Psychoanalytic Theory for Social Work Practice: Thinking Under Fireby Marion Bower
Pub. Date: 11/14/2005
Publisher: Taylor & Francis
Written by practicing social workers and social work educators, this text analyzes modern psychoanalytic and psychosocial approaches to social work and relates them to current practices and values. Focusing on working with children and families, the text covers salient issues in social work practice including risk assessment, dealing with parents with drug and
Written by practicing social workers and social work educators, this text analyzes modern psychoanalytic and psychosocial approaches to social work and relates them to current practices and values. Focusing on working with children and families, the text covers salient issues in social work practice including risk assessment, dealing with parents with drug and alcohol problems, supervision and management of emotional stress.
Throughout the book there is an emphasis on the realities of frontline practice, and looking at what can realistically be achieved. It also addresses the research evidence for this approach. With psychoanalytic and psychosocial approaches becoming increasingly popular, this text will be a welcome addition for professionals, students and social work educators.
- Taylor & Francis
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- Product dimensions:
- 6.69(w) x 9.61(h) x 0.50(d)
Table of Contents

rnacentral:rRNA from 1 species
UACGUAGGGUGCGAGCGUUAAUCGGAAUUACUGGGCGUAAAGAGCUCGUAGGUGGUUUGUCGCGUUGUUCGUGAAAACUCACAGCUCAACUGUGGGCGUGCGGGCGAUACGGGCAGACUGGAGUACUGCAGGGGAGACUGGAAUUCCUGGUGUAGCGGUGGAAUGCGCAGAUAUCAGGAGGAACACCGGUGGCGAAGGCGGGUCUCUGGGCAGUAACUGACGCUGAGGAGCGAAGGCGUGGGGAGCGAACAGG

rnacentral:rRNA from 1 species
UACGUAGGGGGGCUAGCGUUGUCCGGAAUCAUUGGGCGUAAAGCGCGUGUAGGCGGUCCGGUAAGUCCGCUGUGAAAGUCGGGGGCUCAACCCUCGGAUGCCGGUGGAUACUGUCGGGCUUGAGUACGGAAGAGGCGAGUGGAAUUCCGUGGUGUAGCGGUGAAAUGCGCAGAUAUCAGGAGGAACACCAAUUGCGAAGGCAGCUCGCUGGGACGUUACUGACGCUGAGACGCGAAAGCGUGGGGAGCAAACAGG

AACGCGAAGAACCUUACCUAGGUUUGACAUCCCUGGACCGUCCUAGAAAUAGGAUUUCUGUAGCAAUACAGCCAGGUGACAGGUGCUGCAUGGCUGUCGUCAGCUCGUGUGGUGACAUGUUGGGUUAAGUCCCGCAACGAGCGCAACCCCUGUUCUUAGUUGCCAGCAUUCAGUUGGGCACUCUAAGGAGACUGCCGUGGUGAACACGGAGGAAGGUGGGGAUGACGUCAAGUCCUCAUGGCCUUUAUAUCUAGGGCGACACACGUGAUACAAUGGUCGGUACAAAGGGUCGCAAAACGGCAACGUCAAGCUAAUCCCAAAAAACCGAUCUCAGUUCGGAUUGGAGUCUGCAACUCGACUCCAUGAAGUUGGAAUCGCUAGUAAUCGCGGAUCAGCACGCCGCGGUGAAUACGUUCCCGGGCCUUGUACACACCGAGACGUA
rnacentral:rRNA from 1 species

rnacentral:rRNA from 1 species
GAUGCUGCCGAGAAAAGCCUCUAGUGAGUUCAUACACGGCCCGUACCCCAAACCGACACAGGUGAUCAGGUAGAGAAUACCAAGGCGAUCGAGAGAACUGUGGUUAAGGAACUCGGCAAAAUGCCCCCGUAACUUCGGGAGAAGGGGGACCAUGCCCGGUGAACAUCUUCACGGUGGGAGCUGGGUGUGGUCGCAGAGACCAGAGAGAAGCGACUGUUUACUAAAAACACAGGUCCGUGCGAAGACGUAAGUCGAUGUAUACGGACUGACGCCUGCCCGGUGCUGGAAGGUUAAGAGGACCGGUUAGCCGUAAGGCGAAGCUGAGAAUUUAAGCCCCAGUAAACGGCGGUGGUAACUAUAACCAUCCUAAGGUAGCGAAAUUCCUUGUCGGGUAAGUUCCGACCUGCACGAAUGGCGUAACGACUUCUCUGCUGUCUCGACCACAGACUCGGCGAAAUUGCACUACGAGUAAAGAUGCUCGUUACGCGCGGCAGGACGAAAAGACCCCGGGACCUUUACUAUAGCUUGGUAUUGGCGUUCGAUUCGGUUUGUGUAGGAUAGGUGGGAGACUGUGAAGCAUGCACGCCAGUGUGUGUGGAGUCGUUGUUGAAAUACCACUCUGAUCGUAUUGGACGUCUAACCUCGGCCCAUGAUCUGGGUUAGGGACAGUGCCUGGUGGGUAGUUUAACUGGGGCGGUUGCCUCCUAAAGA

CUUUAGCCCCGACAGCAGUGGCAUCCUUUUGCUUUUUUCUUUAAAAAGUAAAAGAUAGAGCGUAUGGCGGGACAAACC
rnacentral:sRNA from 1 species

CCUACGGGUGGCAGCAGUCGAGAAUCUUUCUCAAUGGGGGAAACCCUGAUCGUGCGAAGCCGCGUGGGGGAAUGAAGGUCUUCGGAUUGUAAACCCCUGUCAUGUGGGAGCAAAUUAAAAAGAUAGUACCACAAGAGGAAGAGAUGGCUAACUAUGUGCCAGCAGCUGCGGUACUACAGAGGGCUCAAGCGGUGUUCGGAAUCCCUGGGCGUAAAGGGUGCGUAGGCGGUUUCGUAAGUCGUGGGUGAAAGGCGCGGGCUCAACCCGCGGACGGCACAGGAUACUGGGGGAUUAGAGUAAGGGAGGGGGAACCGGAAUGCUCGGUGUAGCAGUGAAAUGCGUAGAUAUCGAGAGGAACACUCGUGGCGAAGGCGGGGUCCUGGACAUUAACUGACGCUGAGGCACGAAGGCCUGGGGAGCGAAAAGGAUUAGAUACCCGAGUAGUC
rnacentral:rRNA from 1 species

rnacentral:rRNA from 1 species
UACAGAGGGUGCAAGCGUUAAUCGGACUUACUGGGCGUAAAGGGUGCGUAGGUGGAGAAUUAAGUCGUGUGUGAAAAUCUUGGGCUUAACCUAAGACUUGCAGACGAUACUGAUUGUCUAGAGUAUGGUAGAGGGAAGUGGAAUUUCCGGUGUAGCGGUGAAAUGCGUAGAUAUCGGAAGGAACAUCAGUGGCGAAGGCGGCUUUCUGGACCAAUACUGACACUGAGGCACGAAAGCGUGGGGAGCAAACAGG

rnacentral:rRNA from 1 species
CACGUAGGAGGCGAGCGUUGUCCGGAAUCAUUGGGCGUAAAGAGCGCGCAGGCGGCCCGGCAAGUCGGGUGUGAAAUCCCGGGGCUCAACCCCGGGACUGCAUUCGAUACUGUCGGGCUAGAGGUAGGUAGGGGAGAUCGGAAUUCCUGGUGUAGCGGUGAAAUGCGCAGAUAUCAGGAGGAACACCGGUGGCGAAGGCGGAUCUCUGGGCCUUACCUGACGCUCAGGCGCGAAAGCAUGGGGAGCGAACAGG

Part 1: A framework for practice 1. Psychoanalytic theories for social work practice Marion Bower 2. Psychoanalytic research in the era of evidence-based practice Steve Briggs 3. Racist states of mind: an attack on thinking and curiosity Narenda Keval Part 2: Understanding and working with children and young people 4. Observation in social work practice Biddy Youell 5. ‘Thinking in and out of the frame’; applying systemic ideas to social work with children Gwyn Daniel 6. Individual brief psychotherapy with sexually abused girls and parallel support work with parents and their carers Julie Long, Judith Trowell and Gillian Miles 7. Double deprivation Gianna Williams 8. Psychoanalytic perspectives on emotional problems facing parents of children with learning disabilities David Simpson Part 3: Parents, families and professional networks. 9. The court, the couple and the consultant: is there room for a third position? Judith Freedman 10. Dangerous cocktails: drugs and alcohol within the family Martin Weegman 11. Working with borderline personality disorder Joseph Mishan 12. Working with families who see help as the problem Marion Bower 13. Re-enactment as an unwitting professional response to family dynamics Ron Britton Part 4: Professional stresses and supports. 14. Who care for the carers: work with refugees Maureen Fox 15. The containing function of supervision in working with abuse Dick Agass
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